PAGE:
NASA’s Retired Compton Mission Reveals Superheavy Neutron Stars
128 articles from MONDAY 9.1.2023
Hydrogen masers reveal new secrets of a massive star
Portal origin URL: NASA’s Retired Compton Mission Reveals Superheavy Neutron StarsPortal origin nid: 484924Published: Monday, January 9, 2023 - 17:15Featured (stick to top of list): noPortal text teaser: Signals found in archival observations of powerful explosions called short gamma-ray bursts indicate the brief existence of a supersized neutron star before it collapsed...
Scientists find pair of black holes dining together in nearby galaxy merger
While using the Atacama Large Millimeter/submillimeter Array (ALMA) to study the masers around oddball star MWC 349A scientists discovered something unexpected: a previously unseen jet of material launching from the star's gas disk at impossibly high speeds. What's more, they believe the jet is caused by strong magnetic forces surrounding the star.
How a furniture conservator helped crack the code of Ice Age cave art
While studying a nearby pair of merging galaxies using the Atacama Large Millimeter/submillimeter Array (ALMA)—an international observatory co-operated by the U.S. National Science Foundation's National Radio Astronomy Observatory (NRAO)—scientists discovered two supermassive black holes growing simultaneously near the center of the newly coalescing galaxy.
Astronomers find the most distant stars in our galaxy halfway to Andromeda
Scientists say they have begun to decipher the symbols on Ice Age cave art — and it all started with a hunch by an enthusiastic amateur...
Exploring the amazing life and lights of the ocean depths
Astronomers have discovered more than 200 distant variable stars known as RR Lyrae stars in the Milky Way's stellar halo. The most distant of these stars is more than a million light years from Earth, almost half the distance to our neighboring galaxy, Andromeda, which is about 2.5 million light years away.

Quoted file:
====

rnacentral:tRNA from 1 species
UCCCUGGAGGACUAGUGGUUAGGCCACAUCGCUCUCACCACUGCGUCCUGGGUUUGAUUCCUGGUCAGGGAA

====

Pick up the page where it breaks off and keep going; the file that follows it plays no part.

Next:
Full moon rising: The first lunar spectacle of 2023 is this weekend's wolf moon
Edie Widder is one of the few people in the world who has been to the bottom of the ocean. She's a deep-sea ocean explorer, and among many discoveries, was the first person to ever capture a giant squid on camera.
More rain lashes storm-battered California
If you lift your eyes to the sky Friday night, you can catch the first full moon of 2023—the wolf moon.
How did investigators use DNA profiling to identify the suspect in the Idaho student killings?
Heavy rain lashed water-logged California Monday, with forecasters warning of floods as a parade of storms that have killed 12 people battered the western United States.
Deep learning-designed diffractive processor computes hundreds of transformations in parallel
Police investigating the murders of four University of Idaho students have said they used DNA to link evidence found at the crime scene to their suspect, 28-year-old Bryan Kohberger.
Why is drought-weary Los Angeles letting stormwater flow into the Pacific Ocean?
In today's digital age, computational tasks have become increasingly complex. This, in turn, has led to an exponential growth in the power consumed by digital computers. Thus, it is necessary to develop hardware resources that can perform large-scale computing in a fast and energy-efficient way.
Another humpback whale washes up on Atlantic City beach
The Los Angeles River roared to life this week as a series of powerful storms moved through the Southland. In Long Beach, 3 feet of water shut down the 710 Freeway in both directions, while flooding in the San Fernando Valley forced the closure of the Sepulveda Basin.
NASA space missions pinpoint sources of carbon dioxide emissions on Earth
A 30-foot juvenile humpback whale washed up on the beach in Atlantic City on Saturday morning, the second time in 15 days a young whale has been swept ashore in the casino town.
Want natural food dye? Amaranth delivers, according to study